Opinion: Labelling not the answer to Foetal Alcohol Spectrum Disorders

18 July, 2018 by Andy Young

This column was submitted by Fergus Taylor, Executive Director of Alcohol Beverages Australia, for the July issue of National Liquor News.

Last month, the Food Regulation Standing Committee released a policy options paper seeking targeted consultation on Pregnancy warning labels on packaged alcoholic beverages.

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Alcohol consumption during pregnancy can harm the developing foetus and result in a range of lifelong physical and/or neurodevelopmental impairments in the child, which are considered as Foetal Alcohol Spectrum Disorders (FASD).

Through DrinkWise, the industry has adopted the targeted and specific pregnancy pictogram and or text on the majority of its products. This has produced tangible outcomes, such as contributing to increasing awareness among pregnant women to not consume alcohol, and has clearly demonstrated the industry is capable of being an integral component in the campaign to prevent or reduce harms from alcohol consumption in the Australian community.

The results from the most recent National Drug Strategy Household Survey (NDSHS) show 98.8 per cent of women in Australia either abstain or drink less alcohol while pregnant, and this trend of abstaining from or reducing alcohol consumption during pregnancy has grown nationally for well over a decade.

The effects of FASD have been well-documented and evidence has shown it is a multifactorial illness with interdependent maternal risk factors, including age, demographic, education, nutrition, other drug use, socioeconomic status and partner’s alcohol consumption. Evidence-based and targeted harm-reduction strategies and, more specifically, medical practitioner and nurse-led brief interventions, have immense potential to reduce FASD rates through culturally sensitive means and cannot be underestimated as effective intervention measures.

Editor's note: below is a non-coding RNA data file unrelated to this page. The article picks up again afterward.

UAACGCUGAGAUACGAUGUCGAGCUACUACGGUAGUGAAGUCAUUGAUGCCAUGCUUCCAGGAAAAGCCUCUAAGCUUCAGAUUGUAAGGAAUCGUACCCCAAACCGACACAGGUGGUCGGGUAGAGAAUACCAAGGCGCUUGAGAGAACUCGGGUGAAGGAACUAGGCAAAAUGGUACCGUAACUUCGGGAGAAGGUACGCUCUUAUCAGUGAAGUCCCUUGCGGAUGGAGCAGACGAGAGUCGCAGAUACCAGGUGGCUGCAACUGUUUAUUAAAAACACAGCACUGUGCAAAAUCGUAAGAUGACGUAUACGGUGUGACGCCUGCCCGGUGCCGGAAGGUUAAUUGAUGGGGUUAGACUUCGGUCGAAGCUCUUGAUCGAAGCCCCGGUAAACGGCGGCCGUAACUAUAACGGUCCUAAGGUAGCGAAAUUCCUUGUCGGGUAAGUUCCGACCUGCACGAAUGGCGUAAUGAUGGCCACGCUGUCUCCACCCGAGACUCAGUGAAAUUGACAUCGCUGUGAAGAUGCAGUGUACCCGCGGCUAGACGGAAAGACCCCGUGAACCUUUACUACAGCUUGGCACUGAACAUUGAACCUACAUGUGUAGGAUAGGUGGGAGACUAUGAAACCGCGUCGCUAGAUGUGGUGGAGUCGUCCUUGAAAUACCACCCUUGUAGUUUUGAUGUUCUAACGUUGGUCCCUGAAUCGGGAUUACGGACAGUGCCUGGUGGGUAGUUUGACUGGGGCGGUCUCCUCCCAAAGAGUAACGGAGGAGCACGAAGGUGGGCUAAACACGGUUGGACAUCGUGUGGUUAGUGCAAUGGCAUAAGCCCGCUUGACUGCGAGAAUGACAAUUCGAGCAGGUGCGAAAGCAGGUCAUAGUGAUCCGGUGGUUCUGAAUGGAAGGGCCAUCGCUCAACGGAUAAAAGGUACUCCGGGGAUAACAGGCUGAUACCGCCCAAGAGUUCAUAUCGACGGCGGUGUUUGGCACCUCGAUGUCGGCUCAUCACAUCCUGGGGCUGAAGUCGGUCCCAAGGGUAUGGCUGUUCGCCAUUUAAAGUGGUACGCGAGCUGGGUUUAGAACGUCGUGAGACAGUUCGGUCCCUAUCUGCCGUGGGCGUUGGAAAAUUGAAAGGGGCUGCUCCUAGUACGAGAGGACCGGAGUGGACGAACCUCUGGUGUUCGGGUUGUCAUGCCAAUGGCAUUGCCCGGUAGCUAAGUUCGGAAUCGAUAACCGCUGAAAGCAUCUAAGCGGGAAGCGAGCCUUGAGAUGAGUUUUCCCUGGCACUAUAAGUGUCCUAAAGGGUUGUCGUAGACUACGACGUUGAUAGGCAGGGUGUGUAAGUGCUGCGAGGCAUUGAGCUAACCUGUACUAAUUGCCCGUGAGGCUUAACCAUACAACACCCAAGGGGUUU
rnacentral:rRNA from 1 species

The consultation process is disappointing in that it fails to correctly acknowledge the already high awareness about alcohol consumption during pregnancy. In doing so, it fails to explore the more logical questions it poses in developing a successful FASD strategy. A logical question to be addressed is why certain women continue to consume alcohol during pregnancy, albeit mainly moderately, despite health advice from their medical practitioner to the contrary? We also need to ask how measures can be implemented to instigate behavioural change.

This question reinforces the importance of investigating the relationship between the provision of information during pregnancy, the relevance of that information to the individual, and their consequent alcohol consumption during pregnancy. This will enable an improvement in the information they receive and thereby lower the risk and incidence of FASD.

This is potentially far more important than continuing to inform this section of the community about an issue they’re already well aware of.

In the limited context of the consultation parameters, voluntary industry self-regulation will allow the well-intentioned objectives of the labelling policy to be achieved, without requiring an administrative burden on government or an unnecessary and damaging increased cost to industry, our millions of customers, and the taxpayer.